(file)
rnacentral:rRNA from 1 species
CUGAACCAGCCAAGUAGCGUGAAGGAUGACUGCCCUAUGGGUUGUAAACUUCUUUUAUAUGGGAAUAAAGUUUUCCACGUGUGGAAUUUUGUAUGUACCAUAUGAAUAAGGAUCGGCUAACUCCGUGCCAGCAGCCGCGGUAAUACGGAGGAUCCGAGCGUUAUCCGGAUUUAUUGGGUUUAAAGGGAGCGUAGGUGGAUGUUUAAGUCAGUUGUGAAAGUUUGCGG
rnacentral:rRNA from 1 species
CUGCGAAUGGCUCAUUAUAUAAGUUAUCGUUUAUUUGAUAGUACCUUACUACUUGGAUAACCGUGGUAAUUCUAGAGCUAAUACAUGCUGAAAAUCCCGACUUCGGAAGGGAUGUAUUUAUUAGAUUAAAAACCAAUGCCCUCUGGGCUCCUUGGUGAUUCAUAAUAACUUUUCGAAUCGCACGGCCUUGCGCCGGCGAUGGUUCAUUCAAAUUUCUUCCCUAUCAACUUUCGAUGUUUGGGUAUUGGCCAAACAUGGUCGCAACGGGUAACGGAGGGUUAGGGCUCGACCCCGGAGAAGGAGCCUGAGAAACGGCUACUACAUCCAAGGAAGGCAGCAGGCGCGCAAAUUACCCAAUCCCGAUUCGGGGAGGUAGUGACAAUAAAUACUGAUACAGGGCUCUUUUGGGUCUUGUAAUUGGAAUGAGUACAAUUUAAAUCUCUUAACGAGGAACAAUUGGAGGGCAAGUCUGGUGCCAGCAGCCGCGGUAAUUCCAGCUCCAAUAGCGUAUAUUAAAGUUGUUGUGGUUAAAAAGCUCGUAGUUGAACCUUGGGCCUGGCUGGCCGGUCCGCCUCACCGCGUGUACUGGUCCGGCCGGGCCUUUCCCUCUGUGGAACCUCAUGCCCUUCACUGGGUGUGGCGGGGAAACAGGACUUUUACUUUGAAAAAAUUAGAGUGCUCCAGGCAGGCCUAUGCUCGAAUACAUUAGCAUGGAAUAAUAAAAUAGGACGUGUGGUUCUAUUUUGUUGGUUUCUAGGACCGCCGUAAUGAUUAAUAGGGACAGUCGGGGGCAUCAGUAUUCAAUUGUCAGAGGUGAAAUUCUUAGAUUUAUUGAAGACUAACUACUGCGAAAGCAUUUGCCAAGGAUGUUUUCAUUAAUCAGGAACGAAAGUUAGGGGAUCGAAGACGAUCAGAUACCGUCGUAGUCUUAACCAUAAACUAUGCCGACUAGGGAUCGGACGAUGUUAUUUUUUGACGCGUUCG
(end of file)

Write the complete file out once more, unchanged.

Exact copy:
rnacentral:rRNA from 1 species
CUGAACCAGCCAAGUAGCGUGAAGGAUGACUGCCCUAUGGGUUGUAAACUUCUUUUAUAUGGGAAUAAAGUUUUCCACGUGUGGAAUUUUGUAUGUACCAUAUGAAUAAGGAUCGGCUAACUCCGUGCCAGCAGCCGCGGUAAUACGGAGGAUCCGAGCGUUAUCCGGAUUUAUUGGGUUUAAAGGGAGCGUAGGUGGAUGUUUAAGUCAGUUGUGAAAGUUUGCGG
rnacentral:rRNA from 1 species
CUGCGAAUGGCUCAUUAUAUAAGUUAUCGUUUAUUUGAUAGUACCUUACUACUUGGAUAACCGUGGUAAUUCUAGAGCUAAUACAUGCUGAAAAUCCCGACUUCGGAAGGGAUGUAUUUAUUAGAUUAAAAACCAAUGCCCUCUGGGCUCCUUGGUGAUUCAUAAUAACUUUUCGAAUCGCACGGCCUUGCGCCGGCGAUGGUUCAUUCAAAUUUCUUCCCUAUCAACUUUCGAUGUUUGGGUAUUGGCCAAACAUGGUCGCAACGGGUAACGGAGGGUUAGGGCUCGACCCCGGAGAAGGAGCCUGAGAAACGGCUACUACAUCCAAGGAAGGCAGCAGGCGCGCAAAUUACCCAAUCCCGAUUCGGGGAGGUAGUGACAAUAAAUACUGAUACAGGGCUCUUUUGGGUCUUGUAAUUGGAAUGAGUACAAUUUAAAUCUCUUAACGAGGAACAAUUGGAGGGCAAGUCUGGUGCCAGCAGCCGCGGUAAUUCCAGCUCCAAUAGCGUAUAUUAAAGUUGUUGUGGUUAAAAAGCUCGUAGUUGAACCUUGGGCCUGGCUGGCCGGUCCGCCUCACCGCGUGUACUGGUCCGGCCGGGCCUUUCCCUCUGUGGAACCUCAUGCCCUUCACUGGGUGUGGCGGGGAAACAGGACUUUUACUUUGAAAAAAUUAGAGUGCUCCAGGCAGGCCUAUGCUCGAAUACAUUAGCAUGGAAUAAUAAAAUAGGACGUGUGGUUCUAUUUUGUUGGUUUCUAGGACCGCCGUAAUGAUUAAUAGGGACAGUCGGGGGCAUCAGUAUUCAAUUGUCAGAGGUGAAAUUCUUAGAUUUAUUGAAGACUAACUACUGCGAAAGCAUUUGCCAAGGAUGUUUUCAUUAAUCAGGAACGAAAGUUAGGGGAUCGAAGACGAUCAGAUACCGUCGUAGUCUUAACCAUAAACUAUGCCGACUAGGGAUCGGACGAUGUUAUUUUUUGACGCGUUCG